CHARLOTTE, N.C. – A federal jury in Charlotte returned a guilty verdict late yesterday against Ron McQuay Garland, 38, of Charlotte, for his role in a string of armed robberies and attempted armed robberies, and related firearms offenses, announced William T. Stetzer, Acting U.S. Attorney for the Western District of North Carolina. U.S. District Judge Kenneth D. Bell presided over the three-day trial.
Acting U.S. Attorney Stetzer is joined in making today’s announcement by Robert R. Wells, Special Agent in Charge of the Federal Bureau of Investigation (FBI), Charlotte Division, and Chief Johnny Jennings of the Charlotte-Mecklenburg Police Department.
According to filed court documents, witness testimony and evidence presented at trial, on August 19, 2019, Garland, robbed at gunpoint a Zaxby’s fast food restaurant, located at 8905 Albemarle Road in Charlotte. Garland entered the restaurant while brandishing a black semiautomatic pistol at the employees. Garland ordered an employee to open the cash register and took approximately $1,000 in cash. Garland subsequently fled the scene with a co-defendant. According to trial evidence, on September 21, 2019, Garland robbed a Family Dollar store located at 4130 Rozzelles Ferry Road, in Charlotte. As witnesses testified, Garland entered the store and brandished a handgun at a store employee. Garland then forced the employee to open the register and Garland stole approximately more than $1,000 before fleeing.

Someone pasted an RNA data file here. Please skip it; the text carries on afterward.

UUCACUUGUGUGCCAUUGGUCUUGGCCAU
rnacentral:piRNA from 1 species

According to court documents and trial evidence, Garland also attempted to rob two other Charlotte area businesses. On August 21, 2019, Garland attempted to rob an Arby’s fast food restaurant, located at 2501 Little Rock Road in Charlotte. Garland entered the restaurant, pointed a handgun at the employees and demanded money from the cash register. Garland was unable to open the register but took an employee’s cell phone before fleeing the scene with a co-defendant. On February 11, 2020, Garland also attempted to rob a Jack-in-the-Box restaurant, located at 10121 North Tryon Street in Charlotte. Garland pointed a firearm at an employee who was taking out the trash and attempted to enter the restaurant, first through the back door and then through the front door but was ultimately unsuccessful. Garland stole a wallet from a customer in the parking lot after eventually abandoning the attempted robbery. Garland fled the scene with a co-defendant and was apprehended early the next morning by the FBI and CMPD.
The jury convicted Garland of two counts of robbery of a business affecting interstate commerce, or “Hobbs Act” Robbery, and two counts of attempted Hobbs Act Robbery, for which the maximum prison term is 20 years per count; two counts of possession of a firearm during and in relation to a crime of violence, which carry a maximum penalty of life in prison, per count; and one count of felon in possession of a firearm which carries a maximum penalty of 10 years in prison. A sentencing date has not been set.
Garland’s co-defendant, Chan Tate, previously pleaded guilty to aiding and abetting three counts of Hobbs Act or attempted Hobbs Act Robbery and is currently awaiting sentencing.
The investigation was handled by the FBI’s Violent Crimes Task Force and CMPD.
Assistant U.S. Attorneys William Bozin and Taylor Stout of the of the U.S. Attorney’s Office in Charlotte are in charge of the prosecution.